People with children vaccinate themselves to protect their loved ones

April 16, 2017 - 06:20

Childless, single persons may take vaccines because they deem it important to protect vulnerable segments of society. Parents seem to be more concerned about protecting their own family.

Residents of Oslo lined up at Tøyen Centre in 2009 to be vaccinated against the new influenza virus (H1N1), also called the swine flu. Swedish research indicates that parents are more likely to vaccinate themselves if informed that a virus threatens their family. (Photo: Erlend Aas/NTB Scanpix)

The success of vaccinations is dependent on getting sufficient numbers in a population to develop immunity, thus reducing the numbers that could infect others.

How can health officials convince people of the necessity of vaccinating themselves out of altruistic motives, in other words, for the general benefit of others. One angle is to tailor arguments to fit the mind-sets of various groups, according to recent Swedish research.

Rafael Ahlskog asked Swedes to answer whether they would consider vaccinating themselves against a potentially dangerous virus following requests from health authorities. The projected scenario is similar to the one experienced during the (H1N1) swine flu pandemic in 2009. The experiment was part of Ahlskog’s PhD work at Uppsala University.

Appealing to a person’s altruism proved sufficient for those who were neither married or in a partnership with children. They would be willing to vaccinate themselves to help strangers.

This motivation had less impact on parents who lived with their partner. These are more willing to vaccinate themselves if reminded that the disease is a potential threat to their own family.

A new, perilous virus

Both the childless and single Swedes and the ones who were cohabiting parents were willing to take vaccines. But these two groups tended to be swayed by different arguments.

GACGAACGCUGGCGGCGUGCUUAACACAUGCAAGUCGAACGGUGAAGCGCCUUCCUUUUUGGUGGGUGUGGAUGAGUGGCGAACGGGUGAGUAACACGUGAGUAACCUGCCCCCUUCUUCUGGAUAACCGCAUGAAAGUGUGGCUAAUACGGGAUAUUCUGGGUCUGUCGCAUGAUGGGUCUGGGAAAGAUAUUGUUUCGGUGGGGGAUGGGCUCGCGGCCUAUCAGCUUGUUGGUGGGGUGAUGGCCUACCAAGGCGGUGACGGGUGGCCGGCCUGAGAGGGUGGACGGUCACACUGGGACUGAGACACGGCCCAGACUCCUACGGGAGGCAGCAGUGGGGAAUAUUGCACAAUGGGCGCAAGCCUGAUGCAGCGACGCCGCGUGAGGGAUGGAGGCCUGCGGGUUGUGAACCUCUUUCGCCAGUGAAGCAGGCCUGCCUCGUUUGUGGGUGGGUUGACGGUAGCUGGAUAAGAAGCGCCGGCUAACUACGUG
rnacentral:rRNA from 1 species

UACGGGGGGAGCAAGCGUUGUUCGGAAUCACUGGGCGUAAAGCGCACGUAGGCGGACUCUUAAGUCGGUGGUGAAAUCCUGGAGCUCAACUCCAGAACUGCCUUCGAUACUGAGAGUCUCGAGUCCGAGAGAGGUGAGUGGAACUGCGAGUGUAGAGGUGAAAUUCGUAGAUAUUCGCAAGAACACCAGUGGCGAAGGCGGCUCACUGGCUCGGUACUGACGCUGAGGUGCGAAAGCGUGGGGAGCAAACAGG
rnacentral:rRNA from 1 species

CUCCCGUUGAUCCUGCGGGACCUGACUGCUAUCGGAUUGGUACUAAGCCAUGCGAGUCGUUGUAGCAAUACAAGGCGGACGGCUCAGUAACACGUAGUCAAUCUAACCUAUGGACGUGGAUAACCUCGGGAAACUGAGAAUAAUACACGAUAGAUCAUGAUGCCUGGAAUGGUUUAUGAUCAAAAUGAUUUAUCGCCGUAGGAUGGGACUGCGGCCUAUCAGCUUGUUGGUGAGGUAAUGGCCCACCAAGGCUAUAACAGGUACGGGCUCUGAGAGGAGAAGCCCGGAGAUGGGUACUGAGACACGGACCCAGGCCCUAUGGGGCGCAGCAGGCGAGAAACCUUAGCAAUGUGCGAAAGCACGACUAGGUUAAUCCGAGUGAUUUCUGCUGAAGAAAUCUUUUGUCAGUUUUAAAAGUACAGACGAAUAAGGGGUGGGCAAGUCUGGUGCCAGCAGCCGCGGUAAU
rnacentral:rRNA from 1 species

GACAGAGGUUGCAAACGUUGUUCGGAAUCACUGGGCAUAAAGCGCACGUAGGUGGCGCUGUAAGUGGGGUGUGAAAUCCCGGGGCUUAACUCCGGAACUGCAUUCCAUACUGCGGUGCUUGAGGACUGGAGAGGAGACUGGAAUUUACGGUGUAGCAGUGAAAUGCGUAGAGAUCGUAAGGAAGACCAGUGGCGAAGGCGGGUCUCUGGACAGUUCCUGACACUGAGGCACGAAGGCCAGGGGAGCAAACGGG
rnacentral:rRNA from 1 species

The participants consisted of about 2,600 Swedes from a panel that regularly responds to web-based surveys. They were not selected randomly and their answers cannot be claimed to be representative of Swedes in general. Moreover, on the whole the persons surveyed are also older than the average Swede and men are over-represented. Nor does the study include all types of families. Single parents were weeded out, as were partners who did not live together under the same roof.

In the projected scenario of the survey, a new virus has flared up. For most people, it is no worse than a common cold. But for vulnerable groups it represents a serious disease, even sometimes deadly.

The participants were told that in this hypothetical viral epidemic they were not at risk personally. Some of them were requested to vaccinate themselves out of concerns for their families, colleagues or vulnerable segments of the population. Others were simply asked to take vaccines without any motivational arguments.

They were then queried about how likely – on  a scale of one to five – it would be for them to take a vaccine in such a situation, and whether they would do so on behalf of family, friends and colleagues or for the benefit of general society.

General altruism loses ground

The arguments worked differently on the two groups. Compared to those who do not know who they might be saving, parents who live with a partner or spouse were more likely to vaccinate themselves if they heard the virus can harm their family or colleagues.

Persons without children who do not live with a partner scored higher when they were presented with and argument related to protecting vulnerable segments of society. The two groups do not differ all that much as regards the probability of taking the hypothetical vaccine, with averages between three and four on the scale.

“Before a person has a partner and children it seems that a broader form of care for society plays a larger role in the decision to get vaccinated. Such considerations disappear and are overtaken by a narrower focus when a family and children enter the picture,” said Rafael Ahlskog in a press release. 

Tailoring vaccination campaigns

Ahlskog thinks such considerations can be useful when authorities are starting up vaccination campaigns. Nevertheless, he stresses that the experiment is not definitive regarding how people can be expected to behave in a real situation. Nor has he followed persons over a period of time to see whether they change their attitudes after having children. There can be other reasons why the two groups in the study are motivated differently.

Other studies have also shown that the message needs to be tailored to disparate groups. Some opponents of vaccinations can change their minds if given more information. Others who are reluctant to take vaccines might simply accept the idea if they see that a vaccination is neither expensive nor hard to get. 

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Read the Norwegian version of this article at forskning.no

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Translated by
Glenn Ostling

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